This article has been written by Srijita Goswami, pursuing a Diploma in Intellectual Property, Media and Entertainment Laws from LawSikho.


Microorganisms have multiple applications in methods of scientific development. The use of such microorganisms in developing enhanced processes for medical use, genetic modification, preservation and a range of other useful activities has become a common practice. However, the patenting of processes and products containing living microorganisms was not a universally accepted practice. The landmark case that set the system of patenting of microorganisms in motion was the United States Supreme Court judgment, Diamond v. Chakraborty. 

Provisions of TRIPS have expressly obliged its signatories to patent microorganisms while also interpreting the ambit of the term microorganisms widely. Although India has been a signatory to the TRIPS agreement, the stance on the patentability of living microorganisms had been disputed. Therefore, the present case set a benchmark in the Indian patent regime, by illuminating the position of the nation in the context of the patentability of microorganisms. 

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Facts of the case

The appellant had applied for a patent for the process that he had invented for the creation of a “Bursitis vaccine” to protect poultry from Bursitis infection. The process dealt with the creation of a Bursitis vaccine and involved the use of a live virus both during such creation and in the final vaccine. 

The Patent Office Examiner had examined said application under Section 12 of the Patent Act, 1970 (hereinafter referred to as the Act) and upon his findings, rejected said application on the grounds that the claim did not meet the requirements of an “invention” under Section 2 (j)(i) of the Act and that the application fell under Section 5 (a) or 5(b) of the Act as the product of the process was a food/drug. The appellant had then appealed to the Controller of Patents and Designs who further delegated authority to the Assistant Controller of Patents and Designs (hereinafter referred to as Assistant Controller) under Section 73(3) of the Act. The Assistant Controller upheld the decision of the Examiner, thereby, rejecting the application. Consequently, the appellant approached the Calcutta High Court under Section 116 of the Act.  


The issues that the learned bench took into considerations were:

  1. Firstly, whether there is a bar to the patentability of a process of manufacturing when the process and/or the product involves/contains a living organism?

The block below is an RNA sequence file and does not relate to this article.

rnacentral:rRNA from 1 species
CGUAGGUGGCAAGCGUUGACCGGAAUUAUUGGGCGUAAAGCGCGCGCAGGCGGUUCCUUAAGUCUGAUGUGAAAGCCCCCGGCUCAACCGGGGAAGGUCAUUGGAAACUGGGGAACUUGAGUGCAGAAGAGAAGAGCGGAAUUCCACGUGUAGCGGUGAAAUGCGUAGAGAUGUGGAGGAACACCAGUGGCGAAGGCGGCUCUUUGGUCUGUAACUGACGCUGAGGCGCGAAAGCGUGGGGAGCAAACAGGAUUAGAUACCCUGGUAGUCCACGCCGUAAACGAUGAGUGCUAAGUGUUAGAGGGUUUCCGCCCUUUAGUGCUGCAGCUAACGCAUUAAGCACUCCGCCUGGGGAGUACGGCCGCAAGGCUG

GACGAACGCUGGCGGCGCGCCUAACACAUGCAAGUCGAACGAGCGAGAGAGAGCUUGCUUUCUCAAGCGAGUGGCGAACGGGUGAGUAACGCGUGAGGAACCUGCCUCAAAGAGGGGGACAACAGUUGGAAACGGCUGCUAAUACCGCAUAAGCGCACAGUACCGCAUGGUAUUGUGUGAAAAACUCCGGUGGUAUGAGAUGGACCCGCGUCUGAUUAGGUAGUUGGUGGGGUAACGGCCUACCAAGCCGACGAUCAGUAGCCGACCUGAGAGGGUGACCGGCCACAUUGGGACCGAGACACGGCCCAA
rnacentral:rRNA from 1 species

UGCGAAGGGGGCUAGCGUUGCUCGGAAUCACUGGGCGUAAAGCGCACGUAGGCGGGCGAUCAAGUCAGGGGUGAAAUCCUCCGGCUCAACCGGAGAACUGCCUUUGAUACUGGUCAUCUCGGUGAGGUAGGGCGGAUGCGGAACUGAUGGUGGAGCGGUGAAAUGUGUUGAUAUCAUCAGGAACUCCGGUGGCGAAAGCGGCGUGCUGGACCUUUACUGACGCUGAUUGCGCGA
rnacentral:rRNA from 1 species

2. Secondly, whether such a process of manufacture qualifies under Section 5 of the Act?
  3. Thirdly, whether such a process qualifies as an invention under Section 2 (j) (i) of the Act?


The Court highlighted that the primary contention of the Assistant Controller had been that the product that had been created contained a live virus, disqualifying the claim as a process or manner of manufacture. The Assistant Controller further insisted that upholding the patentability of such a process had not been previously permitted in India and would lead to growing complexities in the Indian patent regime. To justify their stance on not accepting the wider meaning of “manufacture”, the Assistant Controller relied on the Patent enquiry committee report containing the recommendation of Justice Iyengar. Further, the Assistant Controller emphasized that a product containing a living organism was not a substance as a living organism could not be converted into another product using physical or chemical means. 

The Court delved into the procedural matrix of the examination of the patent office to address the appellant’s challenge to the findings on the ground of the absence of any expressed rationale for the rejection by the Examiner. The bench highlighted the procedural intricacies of such an examination under Section 12 of the Act, emphasizing on reference under Section 12 (c) to the report of investigation under Section 13, thereby highlighting the nexus between the two provisions. The bench observed that not only was such an investigation absent from the record but the primary finding that the claim does not qualify as an invention has not been substantiated with any reasoning. Relying on “Terell on the Law of Patents”, the bench highlighted the essence of the adjudicatory nature of the duty of the Examiner, the quasi-judicial nature of their actions by virtue of which their objections have to be accompanied with reasons.